Secondly, relation is the defining feature of what it is to be a universe. By definition a universe is a kind of whole, a unity of parts; therefore what defines a universe is not its parts, nor the sum of its parts, but the fact of its parts being related. Put this way, a universe just is these relations. Therefore in a second sense – as the condition for universehood – relation is fundamental to the universe.
In this light, matter takes on a doubly subordinate status, far from the hylomorphism of Aristotle or the atomism of (most) modern science. It is first fundamentally subordinate to form (that is, relation), and furthermore is empirically only one of several conditions of objecthood, since at tiny scales the sense of the term “matter” is lost when applied to even fundamental particles – never mind to waves, fields, or energy.
Under the perspective developed here then, matter reduces simply to “objecthood,” that is, to being the term of a relation, regardless of the scale or fundamentality of the relation. Matter is thus simply how relations are constructed or signified when functioning as terms of another relation. As such, matter is an entirely relative phenomenon: it is relations functioning as a term of a further relation, which thus functions to specify them as an object.
In the light of the above, order and chaos take on clear roles, fundamentally speaking. Since a universe has, as its fundamental organising principle, things only being something if they are something to something else, then necessarily every entity in the universe must participate in this organising principle. Such a principle is the minimal order required to be a universe. But this entails that universes (and all their parts) fundamentally have order. Therefore, for a universe, order is more fundamental than chaos (of either the deterministic or absolute sort).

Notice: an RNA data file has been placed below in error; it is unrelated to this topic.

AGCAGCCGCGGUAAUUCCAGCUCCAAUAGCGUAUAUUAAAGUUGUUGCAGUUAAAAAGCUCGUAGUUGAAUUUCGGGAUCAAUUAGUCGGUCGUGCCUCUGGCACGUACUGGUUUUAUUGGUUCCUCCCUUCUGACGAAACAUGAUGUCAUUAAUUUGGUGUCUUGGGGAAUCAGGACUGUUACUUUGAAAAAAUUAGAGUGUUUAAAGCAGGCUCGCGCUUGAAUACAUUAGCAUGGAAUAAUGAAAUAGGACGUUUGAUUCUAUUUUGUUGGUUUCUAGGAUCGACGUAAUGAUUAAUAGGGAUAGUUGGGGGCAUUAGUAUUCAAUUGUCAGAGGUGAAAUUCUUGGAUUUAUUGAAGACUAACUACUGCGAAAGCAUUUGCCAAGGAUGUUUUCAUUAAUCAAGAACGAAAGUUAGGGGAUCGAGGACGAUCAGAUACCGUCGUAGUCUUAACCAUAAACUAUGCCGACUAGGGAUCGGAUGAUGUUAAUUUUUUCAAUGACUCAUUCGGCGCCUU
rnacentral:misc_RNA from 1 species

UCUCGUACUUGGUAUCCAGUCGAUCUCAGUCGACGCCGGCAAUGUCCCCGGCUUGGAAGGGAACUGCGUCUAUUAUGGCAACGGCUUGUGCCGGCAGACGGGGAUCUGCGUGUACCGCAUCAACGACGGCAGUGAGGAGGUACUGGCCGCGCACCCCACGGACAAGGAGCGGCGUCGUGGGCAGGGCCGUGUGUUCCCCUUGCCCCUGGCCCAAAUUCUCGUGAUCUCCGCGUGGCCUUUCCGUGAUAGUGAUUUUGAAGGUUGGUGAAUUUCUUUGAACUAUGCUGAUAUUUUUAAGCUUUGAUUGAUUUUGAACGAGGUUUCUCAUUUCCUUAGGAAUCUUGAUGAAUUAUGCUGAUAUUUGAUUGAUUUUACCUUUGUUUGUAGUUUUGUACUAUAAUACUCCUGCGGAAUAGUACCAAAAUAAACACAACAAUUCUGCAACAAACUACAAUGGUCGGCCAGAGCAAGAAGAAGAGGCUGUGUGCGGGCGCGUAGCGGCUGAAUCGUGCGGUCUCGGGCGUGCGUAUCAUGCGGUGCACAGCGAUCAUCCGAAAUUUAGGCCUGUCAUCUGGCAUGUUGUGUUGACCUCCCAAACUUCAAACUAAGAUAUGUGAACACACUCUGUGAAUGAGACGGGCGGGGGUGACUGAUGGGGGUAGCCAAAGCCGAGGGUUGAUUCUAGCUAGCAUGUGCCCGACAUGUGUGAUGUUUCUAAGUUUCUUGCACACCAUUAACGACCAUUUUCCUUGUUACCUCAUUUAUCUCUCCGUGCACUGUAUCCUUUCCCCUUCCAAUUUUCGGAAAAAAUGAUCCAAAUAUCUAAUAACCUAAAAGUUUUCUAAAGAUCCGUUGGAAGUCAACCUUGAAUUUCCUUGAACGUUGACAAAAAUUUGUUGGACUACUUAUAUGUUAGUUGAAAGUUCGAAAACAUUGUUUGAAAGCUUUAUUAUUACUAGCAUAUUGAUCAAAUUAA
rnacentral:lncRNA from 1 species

Randomness as a species of order
However this is a distinction between there being interactions and no interactions (or nothingness), not of there being determinate interactions and indeterminate interactions, the latter of which is what is meant by randomness. A case of indeterminate interactions requires that interactions are possible – specifically that something must be something to something else – no matter how vague or changeable or minimally determined the relation might be. Thus true randomness is a species of order.
Determinacy and freedom